As managers of Montaka, finding great individual investment ideas is only part of the battle. Once we have identified a stock with attractive future returns for the risks being assumed we must then determine an appropriate position size. We believe there are three key variables which should guide this decision. Today’s blog is the first in a three-part series that will address each variable in turn.
The first input into the sizing algorithm is a judgement on the value of the business, to determine what the stock is worth compared to the price at which it is trading in the market. Many financial commentators, brokers, and even investment managers, will often quote target prices or point estimates for the value of a stock. This is insufficient. Rather, we believe investors should view the worth of a business (and its shares) as a range of values, each with a certain likelihood, and size portfolio positions according to where the current stock price falls along this spectrum.
By way of simple example, we may believe that REA Group – owner of the realestate.com.au property portal – is a fantastic business. Although its shares are trading at around $56 today we might think that it is most likely worth over $70 per share, or 25% more than the current share price, should our expectations for earnings growth eventuate. Of course the future is always uncertain and unpredictable, and valuation is an imprecise science*, so REA’s shares may actually be worth more or less than our $70 estimate.
There’s a chance things turn out worse than we expect, in which case the stock might be worth say $40, 29% below the current share price. And if the future is brighter than we expect REA shares could be worth up to $100, 79% above the current share price. On balance REA’s shares look like a good bargain today and we might allocate 5%** of the portfolio to a position in REA, or half of the mandated maximum position size of 10%.
Even more interesting are the actions we would take if the price of REA shares changed. Perhaps counterintuitively (though not surprisingly to our astute clients) if REA’s stock price fell, all else equal we would look to increase our position size, and conversely if REA’s stock price appreciated we would look to decrease our position size. Let me illustrate by way of example again.
If the REA share price fell to say $45, our base case valuation would remain unchanged at $70, but this now represents about 56% upside. Similarly, the upside value of $100 per share remains unchanged, but now represents more than a “double”. Clearly we stand to gain a lot more at $45 than at $56. Our upside potential is higher. But this only tells half the story. At the lower share price the downside to our low case valuation of $40 is just 11%. Our downside risk is now lower too. Greater upside and lower downside means a better bargain and justifies a bigger position. We may increase the portfolio weighting of REA to say 8%. Further, as the share price was sliding toward our low case value of $40 we would be increasing our positon size towards a maximum allocation (capped by the 10% mandate of course). In fact in this example a $40 share price would imply no downside in REA stock at all – the best kind of investment!***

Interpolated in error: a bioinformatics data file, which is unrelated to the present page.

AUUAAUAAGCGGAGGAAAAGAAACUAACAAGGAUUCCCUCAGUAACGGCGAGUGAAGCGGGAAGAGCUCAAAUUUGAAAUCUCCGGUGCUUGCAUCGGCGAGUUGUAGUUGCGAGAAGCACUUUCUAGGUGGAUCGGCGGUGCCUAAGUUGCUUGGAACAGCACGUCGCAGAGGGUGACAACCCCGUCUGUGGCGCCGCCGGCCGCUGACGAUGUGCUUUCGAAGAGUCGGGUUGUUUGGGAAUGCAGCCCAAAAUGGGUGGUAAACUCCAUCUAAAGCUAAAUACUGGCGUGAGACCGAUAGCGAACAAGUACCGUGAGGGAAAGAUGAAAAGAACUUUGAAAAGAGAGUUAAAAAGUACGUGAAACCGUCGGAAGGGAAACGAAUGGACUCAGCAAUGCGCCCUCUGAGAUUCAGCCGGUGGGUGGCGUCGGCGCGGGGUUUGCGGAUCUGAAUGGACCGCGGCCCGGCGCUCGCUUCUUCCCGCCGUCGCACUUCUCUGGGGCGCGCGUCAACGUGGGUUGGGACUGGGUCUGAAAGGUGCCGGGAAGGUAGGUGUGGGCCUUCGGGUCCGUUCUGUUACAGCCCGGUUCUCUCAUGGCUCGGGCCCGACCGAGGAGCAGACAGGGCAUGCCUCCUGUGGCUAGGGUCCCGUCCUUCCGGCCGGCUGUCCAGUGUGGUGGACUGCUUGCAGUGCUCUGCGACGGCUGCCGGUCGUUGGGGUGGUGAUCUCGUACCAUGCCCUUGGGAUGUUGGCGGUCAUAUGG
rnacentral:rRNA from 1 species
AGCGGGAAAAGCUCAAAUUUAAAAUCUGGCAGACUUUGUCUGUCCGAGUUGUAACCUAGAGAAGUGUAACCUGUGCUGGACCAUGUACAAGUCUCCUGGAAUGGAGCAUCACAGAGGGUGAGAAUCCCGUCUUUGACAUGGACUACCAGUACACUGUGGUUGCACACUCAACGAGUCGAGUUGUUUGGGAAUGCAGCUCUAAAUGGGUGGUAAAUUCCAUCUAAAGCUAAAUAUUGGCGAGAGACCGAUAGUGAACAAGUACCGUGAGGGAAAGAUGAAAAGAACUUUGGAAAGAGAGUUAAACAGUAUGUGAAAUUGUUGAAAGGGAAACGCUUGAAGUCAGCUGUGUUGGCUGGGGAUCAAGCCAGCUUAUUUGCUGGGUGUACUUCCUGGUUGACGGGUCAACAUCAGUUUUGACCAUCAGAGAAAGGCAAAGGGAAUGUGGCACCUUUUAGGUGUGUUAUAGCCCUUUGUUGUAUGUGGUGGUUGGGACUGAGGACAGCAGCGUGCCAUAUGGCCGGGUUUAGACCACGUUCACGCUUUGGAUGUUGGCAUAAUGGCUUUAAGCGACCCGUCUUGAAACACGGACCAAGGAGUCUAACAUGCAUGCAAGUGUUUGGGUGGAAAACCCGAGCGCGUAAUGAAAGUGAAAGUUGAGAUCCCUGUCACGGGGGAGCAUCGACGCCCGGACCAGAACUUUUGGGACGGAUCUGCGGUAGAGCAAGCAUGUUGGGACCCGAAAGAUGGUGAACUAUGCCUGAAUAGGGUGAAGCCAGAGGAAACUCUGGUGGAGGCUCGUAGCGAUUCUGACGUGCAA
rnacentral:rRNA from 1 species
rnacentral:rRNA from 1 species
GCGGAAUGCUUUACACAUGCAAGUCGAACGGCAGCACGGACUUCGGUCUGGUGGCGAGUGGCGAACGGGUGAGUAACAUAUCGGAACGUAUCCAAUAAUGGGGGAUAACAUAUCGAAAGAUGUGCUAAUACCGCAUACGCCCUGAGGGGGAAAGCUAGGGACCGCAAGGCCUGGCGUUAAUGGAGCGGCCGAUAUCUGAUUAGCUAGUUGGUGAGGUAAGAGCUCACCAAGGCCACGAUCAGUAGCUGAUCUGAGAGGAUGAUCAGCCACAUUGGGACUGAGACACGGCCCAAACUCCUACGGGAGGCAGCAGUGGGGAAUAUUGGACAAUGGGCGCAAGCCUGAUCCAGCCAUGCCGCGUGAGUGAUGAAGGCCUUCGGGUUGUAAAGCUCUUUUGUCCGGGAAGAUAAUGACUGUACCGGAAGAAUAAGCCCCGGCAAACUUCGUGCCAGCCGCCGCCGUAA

Conversely, if the REA share price appreciated to say $80 the upside available to investors would be lower and the downside risk would be higher, so a smaller position would be appropriate (I will leave it to the reader to calculate the upside and downside potential at this higher share price). We may decrease our REA holding to say 2% of the value of the total portfolio value. Moreover, if the share price was climbing above our base case value of $70 towards our high case value of $100 we would be reducing our position size towards zero. At $100 (and most likely well before) we would have exited the position in REA completely.
We view our assessment of the distribution, or range, of a stock’s value as the first critical determinant of position sizing. In part 2 of the series next week we will look at how the level of conviction or confidence in our investment ideas helps with position sizing.
*To illustrate this concept, think of your very own car. How much is it worth? You might choose to search carsales.com to ascertain a reasonable valuation. I did this for a 2014 Toyota Corolla. There were 477 such cars ranging in price from $11,990 to $26,500. If it is this difficult to pin down the exact value of a standard car with plenty of units available for sale, then imagine the difficulty in being precise about the value of a multi billion dollar corporation.
**More on how we might arrive at the 5% figure in part 2 of this series.
***Of course in the short term the stock price may trade below $40, but the fundamental value of the business would still be $40 at a minimum.
Montaka owns shares in REA Group.
Christopher Demasi is a Portfolio Manager with Montgomery Global Investment Management. To learn more about Montaka, please call +612 7202 0100.